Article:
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31 December 2010

Across the miles

TOWARDS THE END of each year I always think about the sounds of Paris that I have recorded in the year that has passed and the sounds that I might record in the year ahead. I always look back on my year’s work and try to select a “Sound Of The Year”. It’s always a difficult task since there are so many sounds to choose from.

During 2010 I have recorded many sounds in this wonderful city. I have recorded the magnificent church organs of Saint-Sulpice, Notre Dame and the delightful church of Saint-Médard, a Franco-Russian wedding and street musicians in the Jardin du Luxembourg, the rue Mouffetard and in Saint-Germain-des-Prés. I have recorded the sounds of railway stations – the Gare du Nord, the Gare de Lyon and even London St Pancras, as well as the sounds of the streets of Paris.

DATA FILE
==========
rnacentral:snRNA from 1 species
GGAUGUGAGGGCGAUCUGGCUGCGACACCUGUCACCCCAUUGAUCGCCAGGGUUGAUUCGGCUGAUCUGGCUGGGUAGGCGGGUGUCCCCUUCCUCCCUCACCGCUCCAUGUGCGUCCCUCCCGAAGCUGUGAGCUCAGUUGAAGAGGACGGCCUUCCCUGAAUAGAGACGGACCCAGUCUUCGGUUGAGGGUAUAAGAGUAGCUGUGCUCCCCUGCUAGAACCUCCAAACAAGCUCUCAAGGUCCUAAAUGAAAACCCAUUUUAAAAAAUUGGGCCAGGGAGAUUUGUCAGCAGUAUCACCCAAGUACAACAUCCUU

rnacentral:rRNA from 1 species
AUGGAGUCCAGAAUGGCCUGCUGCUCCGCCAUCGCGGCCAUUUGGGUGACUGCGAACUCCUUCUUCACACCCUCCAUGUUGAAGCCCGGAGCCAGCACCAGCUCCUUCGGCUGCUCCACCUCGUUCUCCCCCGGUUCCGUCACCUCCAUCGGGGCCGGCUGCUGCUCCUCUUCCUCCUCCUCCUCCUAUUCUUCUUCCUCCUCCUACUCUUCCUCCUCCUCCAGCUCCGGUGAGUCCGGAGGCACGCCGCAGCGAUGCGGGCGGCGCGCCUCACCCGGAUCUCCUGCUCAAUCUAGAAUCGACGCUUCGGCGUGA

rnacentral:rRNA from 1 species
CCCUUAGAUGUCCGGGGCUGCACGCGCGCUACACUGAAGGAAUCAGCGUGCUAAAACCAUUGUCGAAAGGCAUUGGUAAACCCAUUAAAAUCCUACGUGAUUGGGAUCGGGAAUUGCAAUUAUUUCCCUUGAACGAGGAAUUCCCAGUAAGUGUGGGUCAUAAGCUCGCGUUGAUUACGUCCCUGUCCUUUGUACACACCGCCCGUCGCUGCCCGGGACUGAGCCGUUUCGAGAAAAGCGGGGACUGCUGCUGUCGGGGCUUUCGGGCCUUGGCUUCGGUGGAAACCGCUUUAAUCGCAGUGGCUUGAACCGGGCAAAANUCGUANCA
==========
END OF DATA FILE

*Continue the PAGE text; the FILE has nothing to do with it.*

I have recorded the huge street demonstrations in Paris about the pension reforms all of which were lively and provided exciting, but often chilling, raw, sounds. And there have been many more recording too.

It is often said that less is more – and after much consideration, this year I have selected a Parisian sound from 2010 which I would like to share with you as my “Sound of the Year”.

Paris Christmas market by Des Coulam

It is a simple recording – the sound of a man with a little street organ in the Marché Noël in my quartier of Paris.

And why is it my “Sound Of The Year”?

First, it is undoubtedly French – a man, surrounded by children from the local Ecole Maternelle, singing a favourite French children’s Christmas song, Le Petit Garçon.

Second, the children add an air of innocence and complete unrestrained joy to the recording and . . .

Third, thanks to the internet, this recording from my quartier of Paris has flown across the miles and was broadcast on an Australian radio station in Sydney on Christmas Eve.

I hope you enjoy this recording as much as I do and I wish Ian and all of you all a very Happy New Year.

Des Coulam has a passion for recording and preserving our sonic environment. He writes and records the Soundlandscapes blog at